Nigerian publisher Betty Irabor speaks on depression, suicide attempt

Nigerian publisher, Betty Irabor
Nigerian publisher, Betty Irabor

A Nigerian publisher, Betty Irabor, has revealed her battle with depression and how she almost committed suicide.

Mrs Irabor is the publisher of Genevieve, a lifestyle magazine in Nigeria.

“I attempted suicide, if not for the timely intervention of my husband who rushed me to the hospital,” Mrs Irabor said on Saturday at an event she attended in Uyo to promote her organisation, My Beautiful Mind Network.

Mrs Irabor said she was placed under suicide watch, at some point.

“I was afraid of everything, I was afraid of success, I was afraid of failure. I couldn’t sleep, I couldn’t eat.

“I met a psychiatrist who overdosed me and didn’t even have the decency to acknowledge his mistake.

“Depression at a point gave me a kind of security, it secluded me, it protected me in a way that I had a reason to be unhappy.”

Mrs Irabor said people, who were unaware of what she was going through at that time, thought she was dieting because “I looked so thin and emaciated”.

“After a while, I came to a point where I wanted this volcano to stop erupting, I wanted to be well.

“I also realised one thing, the reason I wasn’t sleeping was not only because I had chronic insomnia, but I was so busy thinking about not sleeping. The idea of me not sleeping engulfed me. By this time, I had stopped going to church or praying,” she said.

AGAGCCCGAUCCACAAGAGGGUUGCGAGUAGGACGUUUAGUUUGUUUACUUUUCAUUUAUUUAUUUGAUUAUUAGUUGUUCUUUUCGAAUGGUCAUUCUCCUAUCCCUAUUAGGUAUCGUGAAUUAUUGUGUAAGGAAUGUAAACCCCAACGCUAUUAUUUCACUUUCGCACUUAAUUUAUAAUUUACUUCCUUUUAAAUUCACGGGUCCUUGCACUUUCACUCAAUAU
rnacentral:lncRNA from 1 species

Overcoming Depression

Mrs Irabor told her audience, mostly women, how she was able to come out of depression.

“I came to a realisation that my getting better was not in anybody’s hands, not even my psychiatrist. So, I stopped paying homage to the situation I was in, I stopped celebrating depression. I started talking to the negative voices in my head by recounting my achievements, I got better but relapsed when I lost my brother. After a year, I was gradually able to get myself together again.”

She advised young people to stop living their lives according to standard and terms set out for them by other people.

“Cut toxicity around you. Anything that affects your mental health, learn to walk away from it,” she said.

She also advised Nigerians to stop judging others.

“If you haven’t walked in a person’s shoe, you cannot make assumptions about what they do or why they do it,” she said.

Mrs Irabor said her bMy Beautiful Mind Network is a product of her battle with depression.

It is a network of 20 women advocates from different parts of Nigeria to keep the conversation on mental health and depression going and also offer help to people battling with mental health challenges, she said.

The Uyo event, according to her, would be replicated in other parts of the country.

Mrs Irabor is the author of Dust to Dew, a book that chronicles her battle with depression.

She is the founder of the Pink Ball Foundation, an organization reputed for initiating a conversation on breast cancer in Nigeria.

There have been reported cases of suicide among young Nigerians, of late.

Notable among the suicide cases is that of a 400-level student of the Department of English and Literary Studies, University of Nigeria, Nsukka, Chukwuemeka Akachi, who reportedly drank a deadly insecticide called sniper.

There was also another case of a pastor in a popular Pentecostal church who recently committed suicide.

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